Treasure troves of offensive ability were known to reside in the gloves and stick of the Deutschland Dangler. But where Draisaitl knew there was improvement room to become a more versatile player for a new Oilers head coach in Dave Tippett was the peripherals of his game. 

"I think I can still round out my all-around game, whether it's penalty kill, defensive-zone faceoffs, or faceoffs in general," Draisaitl said. "Whatever it is, I feel there's a lot of room for improvement."

But Draisaitl knew, along with the rest of the NHL now after his remarkable 105-point breakthrough, that his ability to create offence would be his biggest contributor to determining success and failure. 

Early out of the gates in October, his '18-19 season was looking less and less like an anomaly.

Video: VAN@EDM: Draisaitl goes top shelf for early lead 

Leon lit the lamp with the first goal of the season against the Vancouver Canucks, finishing with a goal and two helpers in a 3-2 win on opening night at Rogers Place to expel any early anxiety towards following up a banner year for the left-shot centre.

Flash forward to October 20 and the Oilers are 7-1-0, with Draisaitl riding an eight-game point streak of six goals and 10 assists that would go down as one of the three eight-game point streaks or higher he owns this campaign. He was also earning more shorthanded opportunities, aided by an improved 52.1 percent faceoff percentage this season that jumped almost two full percentage points over last year's number.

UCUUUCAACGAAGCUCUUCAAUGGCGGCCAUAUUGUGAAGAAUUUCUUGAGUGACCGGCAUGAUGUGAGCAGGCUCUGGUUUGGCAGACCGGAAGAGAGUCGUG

To his new bench boss, Draisaitl's growth into an all-situations asset for the Oilers was put on display in a 4-1 win over the Columbus Blue Jackets in late October by notching a pair of goals and played a pivotal role in killing a crucial 5-on-3.

"Tonight, everybody sees the goals, but that 5-on-3 penalty kill we had was a big part of the game," Tippett said. "Draisaitl did a heck of a job on the 5-on-3."

It's a role close to the heart of the bench boss, and one he enjoys entrusting to Draisaitl when needed after slowly watching his penalty-killing duties seep to a superstar in Mario Lemieux during his playing days with the Pittsburgh Penguins. 

"Scotty Bowman used to use Mario Lemieux on it," Tippett said. "He would say, 'Mario, you play 5-on-3,' and I'm going, 'Hey, that's my job!' Then Mario would go out there with a long stick and just read all the situations and do a great job at it. 

"Since then, I always thought that top players that read plays very well at 5-on-3 are good picks there. Leon's one of those guys. He just figures things out. He reads situations very well that allow him to be a good penalty killer in that situation."

There would be, however, the seemingly unavoidable criticism of his ability to command his own line away from Connor McDavid and the acknowledgement of some of his highs with the lows.